This morning, AT&T CEO Randall Stephenson spoke at J.P. Morgan’s Global Technology, Media, and Telecom Conference and offered his thoughts about the future of mobile entertainment in the wake of AT&T’s pending acquisition of Time Warner. Most notably, he had some ideas about re-editing content to better optimize it for a mobile-using audience. “Think about things like Game of Thrones,” he said. “In a mobile environment, a 60-minute episode might not be the best experience. Maybe you want a 20-minute episode.”

For the AT&T CEO, allow me to provide an acronym of my own: GTFO.
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Problems with Netflix

(Welcome to The Soapbox, the space where we get loud, feisty, and opinionated about something that makes us very happy…or fills us with indescribable rage. In this edition: our take on the current battle between Netflix and Cannes.)

Times are a-changin’. In just two years, Netflix has ramped up their big push into the film business, and are beginning to make waves in an industry stuck in its old ways. Two films produced by Netflix were curated to play at the 2017 Cannes Film Festival, and that decision has sent shockwaves through the exhibition community, resulting in a new rule that may prevent the streaming company from appearing at the festival in future competitions. Below, learn more about the Netflix vs. Cannes battle, which is heating up thanks to movie theater exhibitors.
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TV in Trump's America

(Welcome to The Soapbox, the space where we get loud, feisty, and opinionated about something that makes us very happy…or fills us with indescribable rage. In this edition: the rise of political television in the wake of Donald Trump’s presidency.)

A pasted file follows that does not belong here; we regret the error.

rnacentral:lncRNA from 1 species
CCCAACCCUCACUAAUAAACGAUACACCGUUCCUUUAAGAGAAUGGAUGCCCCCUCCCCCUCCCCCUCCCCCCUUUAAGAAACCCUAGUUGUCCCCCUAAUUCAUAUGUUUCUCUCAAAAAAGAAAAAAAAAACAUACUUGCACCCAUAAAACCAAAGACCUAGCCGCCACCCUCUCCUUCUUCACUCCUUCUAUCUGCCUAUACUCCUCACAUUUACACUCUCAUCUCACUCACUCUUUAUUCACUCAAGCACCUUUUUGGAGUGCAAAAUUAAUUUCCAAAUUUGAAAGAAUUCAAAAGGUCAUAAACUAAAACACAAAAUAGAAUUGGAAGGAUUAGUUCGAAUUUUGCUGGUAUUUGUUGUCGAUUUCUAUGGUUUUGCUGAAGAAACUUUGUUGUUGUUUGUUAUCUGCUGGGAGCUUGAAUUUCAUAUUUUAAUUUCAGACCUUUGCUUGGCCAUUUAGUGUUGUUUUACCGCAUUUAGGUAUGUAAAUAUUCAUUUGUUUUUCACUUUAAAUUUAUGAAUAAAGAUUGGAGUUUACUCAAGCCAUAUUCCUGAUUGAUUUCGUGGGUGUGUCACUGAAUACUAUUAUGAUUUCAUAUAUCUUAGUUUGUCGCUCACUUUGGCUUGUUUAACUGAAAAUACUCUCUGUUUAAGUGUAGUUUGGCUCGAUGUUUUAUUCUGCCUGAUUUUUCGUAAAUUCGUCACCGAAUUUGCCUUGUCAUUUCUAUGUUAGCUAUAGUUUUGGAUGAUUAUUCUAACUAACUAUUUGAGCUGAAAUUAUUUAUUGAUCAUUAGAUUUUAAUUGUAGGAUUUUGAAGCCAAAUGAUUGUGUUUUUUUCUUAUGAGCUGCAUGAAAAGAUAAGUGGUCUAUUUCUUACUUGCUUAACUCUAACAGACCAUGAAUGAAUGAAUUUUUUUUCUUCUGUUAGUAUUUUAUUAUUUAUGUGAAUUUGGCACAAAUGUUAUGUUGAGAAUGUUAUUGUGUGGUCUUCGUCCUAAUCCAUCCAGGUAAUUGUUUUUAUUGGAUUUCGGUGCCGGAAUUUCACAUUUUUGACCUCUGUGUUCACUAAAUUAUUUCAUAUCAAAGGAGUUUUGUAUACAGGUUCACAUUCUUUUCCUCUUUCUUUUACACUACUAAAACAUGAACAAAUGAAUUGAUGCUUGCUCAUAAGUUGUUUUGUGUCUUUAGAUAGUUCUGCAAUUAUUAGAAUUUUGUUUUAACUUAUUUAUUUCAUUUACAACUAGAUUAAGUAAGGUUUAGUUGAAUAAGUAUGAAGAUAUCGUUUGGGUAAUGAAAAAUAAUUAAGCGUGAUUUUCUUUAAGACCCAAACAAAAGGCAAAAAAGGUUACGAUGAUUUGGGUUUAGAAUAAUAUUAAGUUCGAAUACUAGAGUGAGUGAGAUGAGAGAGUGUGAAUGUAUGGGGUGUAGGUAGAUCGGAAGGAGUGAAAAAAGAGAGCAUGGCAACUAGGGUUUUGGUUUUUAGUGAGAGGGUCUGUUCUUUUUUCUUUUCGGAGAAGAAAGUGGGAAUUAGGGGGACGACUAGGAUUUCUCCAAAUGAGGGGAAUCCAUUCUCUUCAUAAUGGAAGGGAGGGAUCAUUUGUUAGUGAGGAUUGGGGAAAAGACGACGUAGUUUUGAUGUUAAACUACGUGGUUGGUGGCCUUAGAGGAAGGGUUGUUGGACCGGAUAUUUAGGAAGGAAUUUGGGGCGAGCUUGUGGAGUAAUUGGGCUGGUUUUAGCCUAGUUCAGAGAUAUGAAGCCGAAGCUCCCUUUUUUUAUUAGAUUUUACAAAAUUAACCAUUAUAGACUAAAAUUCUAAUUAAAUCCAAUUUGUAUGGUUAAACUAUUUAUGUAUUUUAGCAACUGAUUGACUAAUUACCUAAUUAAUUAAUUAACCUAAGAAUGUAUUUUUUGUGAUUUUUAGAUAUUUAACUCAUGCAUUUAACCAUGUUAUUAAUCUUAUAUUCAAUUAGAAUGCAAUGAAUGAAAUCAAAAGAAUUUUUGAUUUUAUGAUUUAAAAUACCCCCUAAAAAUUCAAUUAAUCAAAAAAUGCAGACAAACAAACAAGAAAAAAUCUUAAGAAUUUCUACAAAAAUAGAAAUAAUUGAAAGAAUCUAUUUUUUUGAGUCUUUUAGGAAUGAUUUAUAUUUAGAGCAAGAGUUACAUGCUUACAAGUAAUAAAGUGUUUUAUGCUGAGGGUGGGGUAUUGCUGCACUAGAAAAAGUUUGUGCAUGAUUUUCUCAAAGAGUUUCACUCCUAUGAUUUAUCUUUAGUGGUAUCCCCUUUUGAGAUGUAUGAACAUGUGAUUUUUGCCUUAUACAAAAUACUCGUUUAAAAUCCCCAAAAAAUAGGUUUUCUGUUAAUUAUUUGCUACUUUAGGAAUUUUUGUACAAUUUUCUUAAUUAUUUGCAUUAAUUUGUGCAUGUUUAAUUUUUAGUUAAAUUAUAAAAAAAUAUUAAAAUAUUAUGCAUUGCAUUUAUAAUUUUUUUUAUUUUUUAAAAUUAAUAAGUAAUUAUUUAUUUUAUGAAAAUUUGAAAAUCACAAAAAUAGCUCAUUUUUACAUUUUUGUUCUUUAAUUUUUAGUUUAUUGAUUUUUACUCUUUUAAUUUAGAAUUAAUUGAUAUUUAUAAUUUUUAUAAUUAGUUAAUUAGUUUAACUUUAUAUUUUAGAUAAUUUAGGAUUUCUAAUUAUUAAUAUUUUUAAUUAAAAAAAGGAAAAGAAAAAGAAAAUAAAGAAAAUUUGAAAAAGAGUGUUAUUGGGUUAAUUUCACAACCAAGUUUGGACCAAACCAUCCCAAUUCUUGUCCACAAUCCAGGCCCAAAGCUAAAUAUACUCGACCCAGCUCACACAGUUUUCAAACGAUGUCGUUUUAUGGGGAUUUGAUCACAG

It started with Nazi symbols strewn across public transportation and billboards across D.C. and New York. No, it wasn’t the alarming rise of anti-Semitic vandalism that had skyrocketed in the first three months of the Trump administration. It was advertising The Man in the High Castle, the dystopian Amazon series based off the 1962 Philip K. Dick novel set in an alternate 1960s where the Axis powers won World War II.

And it was just the beginning in a recent surge in “newly relevant” and timely TV shows that took on new meaning after the election of Donald Trump to the White House. The Man in the High Castle kicked off a spate of fictional TV shows such as The Handmaid’s Tale and American Gods, whose stories were conceived long before the White House was even a glimmer in Trump’s eye. But these science-fiction and fantasy stories, at first cautionary or highly theoretical tales, now take on an eerie prescience as fiction and reality collide on the small screen.